Take the 2-minute tour ×
English Language & Usage Stack Exchange is a question and answer site for linguists, etymologists, and serious English language enthusiasts. It's 100% free, no registration required.

What's the correct grammatical term for clauses expressing the goal or a target of an action expressed in the main clause?

For example:

Jack gave me his cell phone so that I could call my Mom.

Dad was telling me this story so that I didn't fall asleep.

To keep flowers growing, florists water them every day.

share|improve this question
add comment

4 Answers

up vote 6 down vote accepted

The Cambridge Grammar of the English Language puts these in the category of adjuncts of purpose.

Adjuncts, roughly speaking, are optional components of a sentence whose presence doesn’t change the meaning or role of other parts.

There are rather a lot of constructions, all with about the same meaning:

Doris Shotz shifted to avoid spilling the cheap champagne. (infinitival)

I bought them to read on the train. (infinitival with object omitted)

And in order to stop me, he locked me in the truck. (in order + infinitival)

I lifted it just barely, you know, so I could get a better look. (so + finite clause)

Let all your calls go to voice mail so that they are recorded. (so + finite clause with that)

I […] stared into his face so as to read every nuance of expression. (so as + infinitival)

He lay there staring at the ceiling with a view to getting back to sleep. (idiomatic preposition phrase containing participial)

The expressions in bold are adjuncts of purpose. Many of them contain clauses. Many of them contain infinitivals or participials, things other grammars might call phrases rather than clauses, but here they seem relevant whatever we call them.

Simple prepositional phrases like for fun are also considered adjuncts of purpose.

(A previous version of this answer said adjuncts of cause, but that is a broader term including not only adjuncts of purpose but also expressions like because X, since X, due to X, etc., which also answer the question why? but without necessarily implying intention or design.)

share|improve this answer
1  
I hope you will forgive me this little traditionalist remark. I'm not implying you've misread the CGEL or anything (of course not), but I must say I find their choice of the term adjunct of cause a bit confusing. Then what do they call a causal adjunct? To me, the principal meaning of cause is that which causes something else; the other meaning ("goal") comes second. I'd naively call it simply an adjunct of purpose. In sentences like "they built a dam high enough to block the water", I might call it a complement of purpose, though perhaps you could do something different with enough. –  Cerberus Oct 9 '11 at 0:29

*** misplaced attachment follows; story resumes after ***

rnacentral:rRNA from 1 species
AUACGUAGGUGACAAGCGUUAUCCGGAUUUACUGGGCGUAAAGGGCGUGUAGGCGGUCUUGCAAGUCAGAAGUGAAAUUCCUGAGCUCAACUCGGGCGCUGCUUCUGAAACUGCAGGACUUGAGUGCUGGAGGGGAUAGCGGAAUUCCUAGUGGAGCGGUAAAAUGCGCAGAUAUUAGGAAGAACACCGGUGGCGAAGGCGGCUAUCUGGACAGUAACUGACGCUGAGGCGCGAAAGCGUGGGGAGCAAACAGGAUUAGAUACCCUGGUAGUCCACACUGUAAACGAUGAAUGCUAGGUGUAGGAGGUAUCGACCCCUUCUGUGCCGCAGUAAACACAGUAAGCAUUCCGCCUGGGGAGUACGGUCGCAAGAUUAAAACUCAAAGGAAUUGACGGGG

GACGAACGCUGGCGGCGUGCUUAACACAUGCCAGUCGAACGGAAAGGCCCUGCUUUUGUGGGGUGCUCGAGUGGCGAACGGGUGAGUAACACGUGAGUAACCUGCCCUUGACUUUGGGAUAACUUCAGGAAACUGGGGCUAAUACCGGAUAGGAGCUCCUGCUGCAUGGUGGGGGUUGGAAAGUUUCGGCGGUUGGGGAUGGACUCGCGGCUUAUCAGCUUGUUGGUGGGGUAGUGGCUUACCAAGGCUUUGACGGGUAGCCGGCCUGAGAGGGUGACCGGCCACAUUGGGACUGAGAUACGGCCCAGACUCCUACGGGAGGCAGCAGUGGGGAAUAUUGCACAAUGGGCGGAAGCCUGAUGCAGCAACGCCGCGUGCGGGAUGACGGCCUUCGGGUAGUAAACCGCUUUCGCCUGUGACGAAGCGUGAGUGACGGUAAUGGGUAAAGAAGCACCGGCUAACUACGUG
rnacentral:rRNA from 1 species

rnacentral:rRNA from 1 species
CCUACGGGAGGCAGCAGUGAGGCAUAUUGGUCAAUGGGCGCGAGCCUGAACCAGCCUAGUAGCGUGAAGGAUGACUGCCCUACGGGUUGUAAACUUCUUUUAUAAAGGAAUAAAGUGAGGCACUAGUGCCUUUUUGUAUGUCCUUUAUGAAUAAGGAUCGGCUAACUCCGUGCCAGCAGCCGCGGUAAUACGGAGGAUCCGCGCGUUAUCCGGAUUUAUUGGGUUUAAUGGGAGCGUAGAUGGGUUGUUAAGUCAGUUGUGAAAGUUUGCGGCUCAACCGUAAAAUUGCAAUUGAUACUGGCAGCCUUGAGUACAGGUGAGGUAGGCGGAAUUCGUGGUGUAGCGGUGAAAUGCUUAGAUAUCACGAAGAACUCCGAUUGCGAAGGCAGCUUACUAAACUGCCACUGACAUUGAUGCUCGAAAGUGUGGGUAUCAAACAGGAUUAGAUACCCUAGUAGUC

@Cerberus Actually, I think the fault likes entirely with me: I did misread CGEL. What CGEL calls adjuncts of cause includes both adjuncts indicating purpose, like the examples here, and those indicating what they call reason (also a relationship of cause and effect, but without intention or design). So adjunct of purpose is the more precise term that brilliant is looking for. I hate to correct an accepted answer but it really is unfair to CGEL to leave it like this... –  Jason Orendorff Oct 10 '11 at 1:24
add comment

This is an adverbial clause, but the most precise term for this type of adverbial clause is purpose clause:

purpose clauses: These clauses are used to indicate the purpose of an action.

share|improve this answer
add comment

These are examples of adverbial clauses, where the clause functions as an adverb by modifying the action in the sentence.

share|improve this answer
add comment

The correct term is a Causal adjunct.

share|improve this answer
add comment

Your Answer

 
discard

By posting your answer, you agree to the privacy policy and terms of service.

Not the answer you're looking for? Browse other questions tagged or ask your own question.